Slow ride

The tepid growth of the Top 75’s market value reflects the recovery’s current sluggish pace.
By Erin Dunn

North Carolina’s largest public companies are growing — but at a much slower pace than recent years, data from Business North Carolina’s annual Top 75 ranking show. The median change in market value for the companies rose just 5%, a sharp contrast to the 20.2% increase in 2011 and a reflection of an economy that has been slow to add jobs or make steady steps to a full recovery. “It’s not been a strong year. There are some companies that are doing well and others that are struggling. It’s been spotty,” says Anthony Amoruso, an assistant professor of accounting at Elon University’s Martha and Spencer Love School of Business. He and colleague Neeraj Gupta, an assistant professor of finance, compiled the list, which is based on market value June 30.

After plummeting during the Great Recession, the stock market has mostly corrected itself, making yearly comparisons tougher, Amoruso says. “The market is getting its feet. I really see the first two years of stock-market returns after the big crash as being unnaturally high.” The performance of the state’s 75 largest public companies narrowly bested the S&P 500 index’s 3.1% rise since its close on June 30, 2011, but only 38 improved their market values — compared with 51 in each of the previous two rankings. “I think stocks are still overvalued slightly,” Gupta says. “We’re just coming back to fair value.”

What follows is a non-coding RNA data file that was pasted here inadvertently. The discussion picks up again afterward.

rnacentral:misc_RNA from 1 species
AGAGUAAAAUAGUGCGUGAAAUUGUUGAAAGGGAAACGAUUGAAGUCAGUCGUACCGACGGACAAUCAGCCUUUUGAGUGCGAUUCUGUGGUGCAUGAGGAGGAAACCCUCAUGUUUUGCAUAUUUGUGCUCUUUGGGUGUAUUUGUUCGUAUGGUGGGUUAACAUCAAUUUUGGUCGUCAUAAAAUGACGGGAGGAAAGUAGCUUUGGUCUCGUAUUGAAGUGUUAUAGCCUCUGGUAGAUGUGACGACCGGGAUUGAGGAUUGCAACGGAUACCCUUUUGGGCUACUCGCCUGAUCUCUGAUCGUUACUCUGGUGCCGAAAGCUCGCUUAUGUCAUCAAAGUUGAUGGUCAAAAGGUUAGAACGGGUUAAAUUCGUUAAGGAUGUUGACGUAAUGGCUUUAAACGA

It was a mixed bag for many industries, including the finance, pharmaceutical and industrial manufacturing sectors. North Carolina’s largest public company, Charlotte-based Bank of America Corp., continued to lose value, dropping 20.6% during the 12 months. The list’s greatest gainer, Asheboro-based FNB United Corp, showed a dramatic increase in market value because of a reverse stock split and recapitalization. “Even though we have it as a big mover, shareholders have been totally destroyed,” Gupta says. Raleigh-based drug maker Salix Pharmaceuticals Ltd. offered the best five-year return at about 332%. Three pharmaceutical companies — including Salix — and three financial-services firms made the top 10 for best one-year returns.

Download a full list of the Top 75 here.